It’s the new year! A time of rebirth and renewal, where we put aside the past and look eagerly towards the future. In that spirit, I’ve been redesigning some of the website and reworking a few things that have, up until now, been set in stone. Just a few days ago I completely revamped the website’s taxonomy, building a new categories list and even changing the permalinks structure. Today we’re continuing that journey by replacing the original website logo, which hasn’t changed since I created this site a little over 3 years ago.
Out with the Old
This original logo was created when I first set up the website in the fall of 2016. The design was inspired by the “no” symbol (🚫) working as the center slant of the ‘N’ (and capitalizing on the “Not” in the site title). You wouldn’t know that by looking at the final version – the bright red of the “no” symbol was too harsh, so I split the ‘N’ from the outer ring and recolored the logo black and pale blue. It’s served its job well, but this original logo has a few issues.
The biggest strike against it is that it’s too busy. There are six separate shapes that make up the logo, all of which are thin and packed closely together. This makes the logo hard to see when it’s small (e.g. as a favicon) and difficult to use as a mark for projects. Plus it stands out like a sore thumb.
Because it’s so busy, it relies on the splash of color in the center to break it up and let it breathe a little. This is why I’ve avoided putting this logo on projects in the past – besides being difficult to make, it flat-out doesn’t look good as a single color. So whether you etch it, paint it, silkscreen it, or cut it out of vinyl – the logo just doesn’t hold up.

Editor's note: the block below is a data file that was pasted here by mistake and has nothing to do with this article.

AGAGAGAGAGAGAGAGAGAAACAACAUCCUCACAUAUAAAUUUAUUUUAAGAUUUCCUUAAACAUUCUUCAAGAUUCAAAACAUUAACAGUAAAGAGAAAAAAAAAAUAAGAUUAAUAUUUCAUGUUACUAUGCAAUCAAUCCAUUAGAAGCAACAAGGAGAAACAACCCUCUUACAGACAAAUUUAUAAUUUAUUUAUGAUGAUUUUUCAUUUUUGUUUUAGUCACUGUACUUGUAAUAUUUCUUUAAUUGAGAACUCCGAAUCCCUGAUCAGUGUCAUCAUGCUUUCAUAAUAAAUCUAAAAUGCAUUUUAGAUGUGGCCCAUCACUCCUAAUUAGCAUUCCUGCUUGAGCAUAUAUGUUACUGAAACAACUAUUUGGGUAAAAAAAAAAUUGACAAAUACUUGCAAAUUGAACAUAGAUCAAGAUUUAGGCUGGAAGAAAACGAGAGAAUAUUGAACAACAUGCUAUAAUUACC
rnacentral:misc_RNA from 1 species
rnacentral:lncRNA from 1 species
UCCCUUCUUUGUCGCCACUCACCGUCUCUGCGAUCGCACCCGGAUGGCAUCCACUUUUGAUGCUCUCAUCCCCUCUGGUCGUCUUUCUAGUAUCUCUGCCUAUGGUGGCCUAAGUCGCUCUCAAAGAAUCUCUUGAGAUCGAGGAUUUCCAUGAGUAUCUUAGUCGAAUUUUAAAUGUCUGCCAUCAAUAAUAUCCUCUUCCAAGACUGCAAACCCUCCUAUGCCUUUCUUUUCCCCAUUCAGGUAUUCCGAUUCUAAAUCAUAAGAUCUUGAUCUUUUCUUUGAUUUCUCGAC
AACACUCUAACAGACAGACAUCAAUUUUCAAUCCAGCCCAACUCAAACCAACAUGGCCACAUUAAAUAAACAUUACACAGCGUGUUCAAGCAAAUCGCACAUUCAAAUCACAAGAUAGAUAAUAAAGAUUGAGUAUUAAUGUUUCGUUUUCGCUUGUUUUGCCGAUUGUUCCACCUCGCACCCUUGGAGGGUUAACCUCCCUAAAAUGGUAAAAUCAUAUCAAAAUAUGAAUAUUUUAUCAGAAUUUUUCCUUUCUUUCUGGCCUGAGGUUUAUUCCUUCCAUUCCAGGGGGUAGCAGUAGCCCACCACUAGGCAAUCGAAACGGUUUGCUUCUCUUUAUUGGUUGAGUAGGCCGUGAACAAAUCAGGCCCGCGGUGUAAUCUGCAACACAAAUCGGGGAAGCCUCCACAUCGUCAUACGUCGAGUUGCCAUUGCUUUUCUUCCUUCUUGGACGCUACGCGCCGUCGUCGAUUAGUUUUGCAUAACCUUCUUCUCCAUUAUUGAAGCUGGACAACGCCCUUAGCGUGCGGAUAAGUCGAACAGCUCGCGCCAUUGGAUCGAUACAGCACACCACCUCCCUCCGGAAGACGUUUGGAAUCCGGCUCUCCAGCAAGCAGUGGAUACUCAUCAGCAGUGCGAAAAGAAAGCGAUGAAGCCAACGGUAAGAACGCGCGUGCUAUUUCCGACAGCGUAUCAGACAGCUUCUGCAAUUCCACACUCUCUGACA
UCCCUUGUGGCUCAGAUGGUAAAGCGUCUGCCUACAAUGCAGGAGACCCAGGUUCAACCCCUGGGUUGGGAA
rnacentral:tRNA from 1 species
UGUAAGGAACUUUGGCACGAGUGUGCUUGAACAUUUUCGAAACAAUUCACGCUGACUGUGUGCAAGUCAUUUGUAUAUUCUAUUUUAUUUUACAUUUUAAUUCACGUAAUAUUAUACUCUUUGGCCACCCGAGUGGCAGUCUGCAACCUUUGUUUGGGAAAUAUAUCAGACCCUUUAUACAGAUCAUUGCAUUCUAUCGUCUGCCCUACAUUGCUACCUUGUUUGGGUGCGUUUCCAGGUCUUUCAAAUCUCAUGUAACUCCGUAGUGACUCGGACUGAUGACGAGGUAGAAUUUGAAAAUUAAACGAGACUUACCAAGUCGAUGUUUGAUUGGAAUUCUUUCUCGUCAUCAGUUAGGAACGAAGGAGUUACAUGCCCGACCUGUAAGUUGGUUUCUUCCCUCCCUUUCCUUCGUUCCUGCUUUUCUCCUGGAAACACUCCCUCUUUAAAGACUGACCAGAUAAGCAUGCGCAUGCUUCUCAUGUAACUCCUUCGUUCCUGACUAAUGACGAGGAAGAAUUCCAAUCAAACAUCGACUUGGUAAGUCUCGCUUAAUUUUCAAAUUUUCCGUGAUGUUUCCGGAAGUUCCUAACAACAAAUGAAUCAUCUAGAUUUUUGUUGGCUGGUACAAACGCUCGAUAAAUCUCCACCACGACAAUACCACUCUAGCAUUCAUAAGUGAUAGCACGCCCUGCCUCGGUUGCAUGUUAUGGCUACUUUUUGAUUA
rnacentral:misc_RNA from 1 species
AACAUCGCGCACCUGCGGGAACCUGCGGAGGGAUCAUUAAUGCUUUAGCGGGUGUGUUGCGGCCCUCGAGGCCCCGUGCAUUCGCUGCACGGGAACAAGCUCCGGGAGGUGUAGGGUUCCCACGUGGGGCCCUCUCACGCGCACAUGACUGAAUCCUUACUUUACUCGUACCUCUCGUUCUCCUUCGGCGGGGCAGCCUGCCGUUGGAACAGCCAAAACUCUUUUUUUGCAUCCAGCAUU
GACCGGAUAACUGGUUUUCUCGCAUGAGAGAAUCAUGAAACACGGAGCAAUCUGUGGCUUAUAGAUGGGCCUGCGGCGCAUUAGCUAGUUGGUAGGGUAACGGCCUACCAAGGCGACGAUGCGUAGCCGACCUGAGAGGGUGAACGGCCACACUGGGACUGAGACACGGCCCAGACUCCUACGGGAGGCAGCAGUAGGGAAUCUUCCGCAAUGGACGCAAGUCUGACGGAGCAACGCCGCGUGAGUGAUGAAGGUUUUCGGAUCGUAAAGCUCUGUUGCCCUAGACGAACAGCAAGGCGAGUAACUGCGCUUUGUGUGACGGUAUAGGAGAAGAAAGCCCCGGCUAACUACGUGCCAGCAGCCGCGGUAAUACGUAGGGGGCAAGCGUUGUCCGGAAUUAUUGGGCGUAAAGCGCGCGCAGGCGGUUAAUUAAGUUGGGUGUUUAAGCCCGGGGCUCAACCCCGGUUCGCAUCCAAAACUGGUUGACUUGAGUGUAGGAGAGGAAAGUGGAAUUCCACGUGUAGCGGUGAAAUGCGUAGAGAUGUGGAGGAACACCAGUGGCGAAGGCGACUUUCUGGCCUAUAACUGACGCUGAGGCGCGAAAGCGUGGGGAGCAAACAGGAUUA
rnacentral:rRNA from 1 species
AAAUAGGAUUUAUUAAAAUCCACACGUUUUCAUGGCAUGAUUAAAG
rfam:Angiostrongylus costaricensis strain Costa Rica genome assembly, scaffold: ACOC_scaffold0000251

Last but not least, the logo tells you absolutely nothing about the site itself. This isn’t strictly a requirement for a good icon, but this old logo may as well be alphabet soup. At a glance, all anyone would be able to tell you about the site is that the letters ‘P’, ‘N’, and ‘I’ are involved somehow. Hardly a glowing endorsement.
This was a good logo for starting out, and it’s served that purpose well. But now it’s time to move on to the next big thing™.
In with the New
Introducing the site’s brand new logo! This is also based around the “no” symbol, but instead uses the slant as negative space on top of the instantly-recognizable shape of a hex nut. My goal for this new logo was “modern and simple”, and I definitely think this nails the concept.
Compared to the old logo, this new “split nut” design has 1/3rd as many shapes, edges, and anchor points. The simple design, strong outlines, and wide spacing makes the new logo both easy to see at small sizes and easy to recreate physically for projects.
The color of the new logo is based around the same accent color from the original logo, #00adef. To give this a little more depth I added a gradient to try and give the impression of a light source from the top left. But this logo works just as well as a single, solid color, so it will work great for etching, painting, silkscreening, vinyl cutting, and the like.
The site’s title has always been a little amorphous, but I latched onto the word “parts” and drew inspiration from industrial iconography. While the letters from the original logo don’t tell you much of anything about what this site is, I’m hoping the symbol of a hex nut at the very least tells visitors that I build things.
For the site’s header, I’ve also decided to replace the HTML site name and tagline altogether with a nicely preformatted image that combines both the new logo and the site title. The font for this is D-DIN, which I also used for the Aperture Science Dihydrogen Monoxide Containment Unit.
I’ve been playing with this concept in one form or another since last October, and now I’m really excited to finally have this new logo live on the site. I’m really proud of the new design, and this symbol is going to start showing up as a maker’s mark on a lot of my projects from here on out.